A major factor behind Japan’s decision to purchase so much military hardware is the demand from US President Trump that allies spend more money on US weaponry or face trade tariffs. The result, in part, is to ensure these allies are prepared for war, namely with China.

The fact that Japan views China as one of its primary targets also belies the apparent warming of ties earlier this year with Beijing. Tokyo has looked to improve relations with China as a means of heading off uncertainty in the face of tariff threats from Trump. However, Tokyo remains undeterred from its broader goal of using renewed military power to achieve its economic goals and boost its strategic position in Asia and internationally.

Japan’s Defense Ministry also made this clear in its annual White Paper, released at the end of November, saying, “China’s recent activities, including its rapid military modernization and enhancement of operational capabilities, its unilateral escalation of actions in areas around Japan, and with the lack of transparency in the military build-up, present a strong security concern for the region including Japan and the international community.”

In reality, US imperialism with the aid of Japan has sought to maintain and strengthen its hegemony in the Asia-Pacific since the dissolution of the Soviet Union and to head-off economic challengers like China. This intensified under the Obama administration’s “pivot to Asia,” which included provocatively sailing warships near Chinese-claimed islands in the South China Sea.

Trump has stepped up these provocations, deepened military and political connections with Taiwan, which Beijing regards as part of its territory, and previously threatened to completely destroy North Korea, a Chinese ally.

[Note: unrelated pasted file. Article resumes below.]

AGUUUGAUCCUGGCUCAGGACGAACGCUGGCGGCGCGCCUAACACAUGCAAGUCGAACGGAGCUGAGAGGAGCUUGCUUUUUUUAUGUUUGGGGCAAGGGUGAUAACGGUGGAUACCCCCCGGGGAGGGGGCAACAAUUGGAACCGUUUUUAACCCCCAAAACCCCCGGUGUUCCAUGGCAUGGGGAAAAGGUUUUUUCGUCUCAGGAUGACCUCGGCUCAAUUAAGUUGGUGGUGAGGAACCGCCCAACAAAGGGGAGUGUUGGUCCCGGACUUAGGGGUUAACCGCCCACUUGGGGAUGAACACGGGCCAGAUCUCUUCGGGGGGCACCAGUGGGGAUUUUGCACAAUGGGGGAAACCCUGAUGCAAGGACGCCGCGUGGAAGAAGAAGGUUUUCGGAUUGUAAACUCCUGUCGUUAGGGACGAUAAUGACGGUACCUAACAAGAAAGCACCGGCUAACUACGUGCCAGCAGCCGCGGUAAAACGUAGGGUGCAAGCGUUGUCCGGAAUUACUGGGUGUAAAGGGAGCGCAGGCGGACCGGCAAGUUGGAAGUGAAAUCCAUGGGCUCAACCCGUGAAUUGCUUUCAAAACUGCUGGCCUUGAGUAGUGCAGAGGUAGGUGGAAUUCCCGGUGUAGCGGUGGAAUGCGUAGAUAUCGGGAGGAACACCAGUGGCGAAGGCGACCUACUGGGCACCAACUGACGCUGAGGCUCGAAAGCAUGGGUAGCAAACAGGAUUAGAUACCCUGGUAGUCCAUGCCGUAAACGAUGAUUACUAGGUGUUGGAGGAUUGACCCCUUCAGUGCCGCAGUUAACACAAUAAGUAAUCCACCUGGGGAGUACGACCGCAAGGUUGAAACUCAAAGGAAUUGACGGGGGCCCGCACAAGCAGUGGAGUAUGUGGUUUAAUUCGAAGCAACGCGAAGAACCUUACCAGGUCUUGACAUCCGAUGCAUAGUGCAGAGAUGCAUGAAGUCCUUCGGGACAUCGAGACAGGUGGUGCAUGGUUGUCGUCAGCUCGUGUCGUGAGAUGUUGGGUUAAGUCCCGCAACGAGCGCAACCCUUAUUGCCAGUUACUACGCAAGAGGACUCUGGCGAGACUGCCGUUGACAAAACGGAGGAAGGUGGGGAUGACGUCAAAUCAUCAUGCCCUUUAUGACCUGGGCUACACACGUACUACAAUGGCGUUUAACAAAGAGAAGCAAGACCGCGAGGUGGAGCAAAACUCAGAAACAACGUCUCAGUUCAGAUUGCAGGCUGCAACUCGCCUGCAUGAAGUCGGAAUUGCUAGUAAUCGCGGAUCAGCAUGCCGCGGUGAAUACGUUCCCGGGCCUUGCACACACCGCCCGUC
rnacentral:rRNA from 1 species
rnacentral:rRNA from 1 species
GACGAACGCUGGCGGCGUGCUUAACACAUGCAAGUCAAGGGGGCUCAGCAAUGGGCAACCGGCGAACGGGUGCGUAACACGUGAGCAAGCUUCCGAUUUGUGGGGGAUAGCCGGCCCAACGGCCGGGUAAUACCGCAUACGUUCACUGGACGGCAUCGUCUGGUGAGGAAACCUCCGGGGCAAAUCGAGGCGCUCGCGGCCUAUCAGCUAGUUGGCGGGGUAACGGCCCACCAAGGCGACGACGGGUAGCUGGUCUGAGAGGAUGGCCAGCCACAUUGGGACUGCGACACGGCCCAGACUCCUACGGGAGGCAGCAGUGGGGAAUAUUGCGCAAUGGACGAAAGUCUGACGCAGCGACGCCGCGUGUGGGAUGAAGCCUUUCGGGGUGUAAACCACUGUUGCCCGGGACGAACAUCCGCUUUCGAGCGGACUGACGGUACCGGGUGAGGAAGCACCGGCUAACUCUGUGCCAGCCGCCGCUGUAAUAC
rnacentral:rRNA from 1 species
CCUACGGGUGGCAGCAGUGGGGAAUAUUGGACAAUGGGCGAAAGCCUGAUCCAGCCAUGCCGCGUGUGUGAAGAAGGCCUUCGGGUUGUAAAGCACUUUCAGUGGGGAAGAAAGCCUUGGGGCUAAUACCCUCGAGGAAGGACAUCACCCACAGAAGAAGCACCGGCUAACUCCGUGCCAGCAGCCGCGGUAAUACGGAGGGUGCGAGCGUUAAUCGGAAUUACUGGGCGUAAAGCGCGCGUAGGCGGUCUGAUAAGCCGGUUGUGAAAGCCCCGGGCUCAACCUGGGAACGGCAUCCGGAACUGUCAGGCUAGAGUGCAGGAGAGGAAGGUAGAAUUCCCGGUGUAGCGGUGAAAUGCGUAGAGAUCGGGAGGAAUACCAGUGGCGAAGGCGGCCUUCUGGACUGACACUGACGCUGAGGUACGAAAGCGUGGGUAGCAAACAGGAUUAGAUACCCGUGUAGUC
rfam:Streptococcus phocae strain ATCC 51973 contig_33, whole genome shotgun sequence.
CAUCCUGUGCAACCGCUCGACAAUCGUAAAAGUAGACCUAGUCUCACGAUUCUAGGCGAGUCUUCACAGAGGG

Tokyo has acted in a similar fashion, in 2012 “nationalizing” three of the five Senkaku Islands, also claimed by China. Abe is pushing to revise the so-called pacifist constitution by 2020 and whitewashing the historical war crimes of Japanese imperialism in preparation for new conflicts. Tokyo also pushed through military legislation in 2015 to allow it to take part in wars abroad alongside an ally, namely the US.

The White Paper specifically cites this legislation as one method of deepening cooperation with the US, stating it will “enable SDF personnel to protect the weapons and other equipment of the units of the United States Forces and the armed forces of other foreign countries that are in cooperation with the SDF and are currently engaged in activities that contribute to the defense of Japan.”

China along with both Koreas expressed concern over the new guidelines. Beijing’s Foreign Ministry Spokeswoman Hua Chunying criticized Tokyo for “[making] irresponsible remarks about China’s normal national defense construction and military activities.” She pointed out that, “For historical reasons, Japan’s movements in the military security field have greatly concerned its Asian neighbors and the international community.”

North Korea denounced Japan as a “war criminal country, saying “Japan remains unchanged in its wild ambition for overseas aggression.” South Korea’s Foreign Ministry spokesman Noh Kyu-duk was more restrained, stating, “Japan’s defense policy should contribute to peace and stability in the region under the spirit of its pacifist Constitution. This is the South Korean government’s stance.”